1921
Volume 46, Issue 5
  • ISSN: 0002-9637
  • E-ISSN: 1476-1645
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Abstract

Abstract

The association between schistosomiasis japonica and child growth was studied cross-sectionally in 1, 561 males and females aged 4–19.9 years residing in an endemic region of northeastern Leyte, The Philippines. Stature, weight, upper arm muscle area, and sum of triceps and subscapular skinfold thicknesses were measured and related to presence of eggs in Kato stool smears and to the intensity of infection assessed by quantitative egg count. The presence of hookworm, ascaris, and trichuris eggs was also measured. Multivariable models were used to control for the effects of age, age, and polyparasitism on growth. The prevalence of schistosomiasis was 31% in males and 22% in females, with the maximum prevalence in adolescence. In 8–19-year-old subjects, the intensity of schistosomiasis japonica was significantly related in males to reduced arm muscle area and sum of skinfolds (both < 0.01) and in females to reduced stature, weight, arm muscle area, and sum of skinfolds (all < 0.01). The greatest age-specific differences were during adolescence in both males and females. The growth retarding effects of intensity of schistosomiasis japonica were independent of the influence of other parasites, notably hookworm. Due to the magnitude of the schistosomiasis-associated growth differences in adolescence, adult body size, function and productivity may be affected.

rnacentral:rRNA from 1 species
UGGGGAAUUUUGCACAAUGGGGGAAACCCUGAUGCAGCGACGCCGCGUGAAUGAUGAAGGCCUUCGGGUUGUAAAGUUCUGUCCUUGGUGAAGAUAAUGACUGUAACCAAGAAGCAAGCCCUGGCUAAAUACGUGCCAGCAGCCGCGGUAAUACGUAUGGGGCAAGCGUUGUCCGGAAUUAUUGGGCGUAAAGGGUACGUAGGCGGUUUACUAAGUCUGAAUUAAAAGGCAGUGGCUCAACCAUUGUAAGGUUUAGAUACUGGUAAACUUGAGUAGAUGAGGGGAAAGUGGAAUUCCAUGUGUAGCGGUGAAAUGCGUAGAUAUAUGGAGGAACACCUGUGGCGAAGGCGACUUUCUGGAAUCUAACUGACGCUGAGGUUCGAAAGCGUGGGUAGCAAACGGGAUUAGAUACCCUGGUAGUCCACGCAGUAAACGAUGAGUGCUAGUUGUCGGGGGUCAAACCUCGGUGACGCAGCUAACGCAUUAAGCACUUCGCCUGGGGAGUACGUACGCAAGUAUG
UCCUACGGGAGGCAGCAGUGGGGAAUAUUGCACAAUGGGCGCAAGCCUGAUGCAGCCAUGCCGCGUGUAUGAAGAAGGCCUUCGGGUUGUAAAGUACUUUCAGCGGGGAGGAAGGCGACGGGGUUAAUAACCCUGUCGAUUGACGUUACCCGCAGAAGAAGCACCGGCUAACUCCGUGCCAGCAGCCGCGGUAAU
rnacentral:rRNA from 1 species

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/content/journals/10.4269/ajtmh.1992.46.571
1992-05-01
2017-09-22
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